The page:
David R. Hedgley, Jr.

David R. Hedgley Jr. holds up two images demonstrating the hidden line problem.
Written by Vivian Wang
Illustrated by Prima Zhao

From an architect’s building design to your favourite video game, computer-generated 3D graphics are seamlessly integrated into our daily lives. While it may be difficult for many of us to imagine the world today without 3D images, surprisingly, their development didn’t begin until the early 1960s! Since then, the efforts of numerous researchers and innovators have culminated to make precise, intricate 3D graphics possible. One notably significant figure is mathematician and computer scientist David R. Hedgley, Jr, who came up with an algorithm to solve the “hidden-line problem” of computer graphics.

Hedgley had been working at the National Aeronautics and Space Administration (NASA) Ames Research Center in California since 1966. His position as a computer programmer regularly exposed him to complex mathematical problems. Although computer-generated graphics had only been conceptualized in the early 60s, its demand, particularly in technical industries (such as aerospace engineering), was growing rapidly. At Ames Research Center, scientists needed to graphically represent the in-flight stability of aircrafts as a mathematical function of two variables. In an attempt to improve this process, Hedgley took on the challenge to devise an algorithm that could produce 3D graphics both accurately and efficiently. He specifically addressed the “hidden-line problem”: when instructed to draw a 3D object (like a box), a computer would draw all the lines connecting the vertices without recognizing that some lines should be hidden from the viewer’s perspective.

In 1982, Hedgley’s solution was published in NASA Reference Publication. His paper was divided into two parts: the definition and proof of his mathematical theorem, and an algorithm implementing it. Hedgley’s theorem demonstrated a way to determine whether a line of a 3D object should be visible by choosing just a few points from that line. Thus, the theorem also provided a foundation for more efficient algorithms. Hedgley’s algorithm was also the first general solution to the hidden-line problem. Designed to be easily applicable to any form of 3D graphics needed to be drawn, his algorithm did not arrive with any limitations.

A computer screen showing examples of computer generated 3D graphics

Despite having a robust theory, Hedgly’s approach was met with initial skepticism from the scientific community—he even had to write a letter to the prestigious Lawrence Livermore National Laboratory to defend it. In a 1986 interview with Ebony Magazine, he particularly reflected on the institutional racism he faced: “being a Black man, your credibility is questioned anyway.” After over a year, Hedgley’s algorithm was finally widely recognized as a breakthrough in computer graphics. He was honoured with NASA’s Exceptional Engineering Achievement Award in 1983, and the Ames Research Center’s H. Julian Allen Award for pure research innovation in the following year. In 1985, Hedgley received NASA’s Space Act Award, becoming the first researcher at Ames to do so. Hedgley continued working at NASA for many years, developing solutions to mathematical dilemmas and authoring multiple papers. In 1999 he designed yet another innovative algorithm—this time, presenting a way to efficiently route signal-conducting wires on a printed circuit board (a component of electronic devices that holds electrical connections together).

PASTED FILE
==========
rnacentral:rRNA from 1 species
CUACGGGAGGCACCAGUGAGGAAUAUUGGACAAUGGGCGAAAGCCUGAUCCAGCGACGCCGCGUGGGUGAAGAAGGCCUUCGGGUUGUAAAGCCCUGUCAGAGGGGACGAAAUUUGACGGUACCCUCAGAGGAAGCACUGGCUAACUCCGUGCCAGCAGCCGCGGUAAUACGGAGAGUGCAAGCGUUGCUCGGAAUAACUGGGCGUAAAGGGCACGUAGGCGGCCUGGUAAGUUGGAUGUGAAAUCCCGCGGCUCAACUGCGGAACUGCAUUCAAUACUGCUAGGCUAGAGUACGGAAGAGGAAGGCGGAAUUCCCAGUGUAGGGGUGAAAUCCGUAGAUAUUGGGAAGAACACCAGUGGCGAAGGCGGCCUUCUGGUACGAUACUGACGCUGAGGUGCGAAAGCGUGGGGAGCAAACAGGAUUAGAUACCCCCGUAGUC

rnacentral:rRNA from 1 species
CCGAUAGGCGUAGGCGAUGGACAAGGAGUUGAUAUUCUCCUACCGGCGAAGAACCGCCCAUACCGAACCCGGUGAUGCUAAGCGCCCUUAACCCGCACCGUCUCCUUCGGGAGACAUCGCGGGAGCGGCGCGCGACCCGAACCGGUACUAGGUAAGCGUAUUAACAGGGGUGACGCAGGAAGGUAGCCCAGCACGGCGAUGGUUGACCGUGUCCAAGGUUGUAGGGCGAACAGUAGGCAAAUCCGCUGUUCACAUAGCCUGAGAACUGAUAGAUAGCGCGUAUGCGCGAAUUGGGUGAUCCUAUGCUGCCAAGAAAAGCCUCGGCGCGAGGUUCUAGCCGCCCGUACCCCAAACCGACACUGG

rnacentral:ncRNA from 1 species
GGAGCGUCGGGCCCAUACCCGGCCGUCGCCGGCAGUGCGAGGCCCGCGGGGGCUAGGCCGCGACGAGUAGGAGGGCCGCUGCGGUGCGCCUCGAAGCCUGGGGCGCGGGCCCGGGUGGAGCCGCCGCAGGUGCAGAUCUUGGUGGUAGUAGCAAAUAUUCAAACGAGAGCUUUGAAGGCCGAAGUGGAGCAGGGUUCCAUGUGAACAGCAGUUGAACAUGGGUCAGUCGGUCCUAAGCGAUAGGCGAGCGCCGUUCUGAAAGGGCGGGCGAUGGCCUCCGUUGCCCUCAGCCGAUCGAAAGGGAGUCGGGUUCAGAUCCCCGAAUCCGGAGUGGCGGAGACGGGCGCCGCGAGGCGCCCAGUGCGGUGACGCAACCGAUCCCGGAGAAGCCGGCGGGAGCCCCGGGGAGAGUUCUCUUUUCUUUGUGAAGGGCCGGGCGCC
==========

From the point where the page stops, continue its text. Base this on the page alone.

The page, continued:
Though it may sound surprising, David R. Hedgley, Jr. wasn’t always interested in mathematics or computers! Growing up, he was initially drawn to linguistics, but later majored in biology and chemistry at Virginia Union University. Ultimately, he found a passion for math which led him to obtain a Master’s in the field from Michigan State University. Hedgley then worked as a teacher in Virginia for several years before eventually joining NASA. Through his remarkable contributions in mathematics, the now-retired “Father of 3D Graphics” has undoubtedly created lasting impacts on our technology today. Hedgley’s journey may also be especially inspirational to those navigating discriminatory workplaces and communities. In his interview with Ebony Magazine, he shared his philosophy of refusing to conform to the expectations of his white counterparts:

“They [Whites] are not comfortable with me because they have a slot they want me to fit in, but I don’t fit it. So, it bothers them. Most Blacks who fit those slots do very well in the system because they acquiesce. I think it’s best to be moderately competent and not compromise your dignity as a man or woman than to be extremely competent and compromise because all you are doing is acquiescing and becoming an approximation of the standard. You can never meet the standard. My philosophy is to modify or expand it, while being yourself.”

Sources:

Doing it his way! Mathematician David R. Hedgley, Jr. (1986, March). Ebony Magazine, 63-64.

Fikes, R. (2020, September 13). David Rice Hedgley Jr. (1937- ). BlackPast.org. https://www.blackpast.org/african-american-history/david-rice-hedgley-jr-1937/

Hedgley, D. R., Jr. (1982). A general solution to the hidden-line problem. NASA Reference Publication, 1085.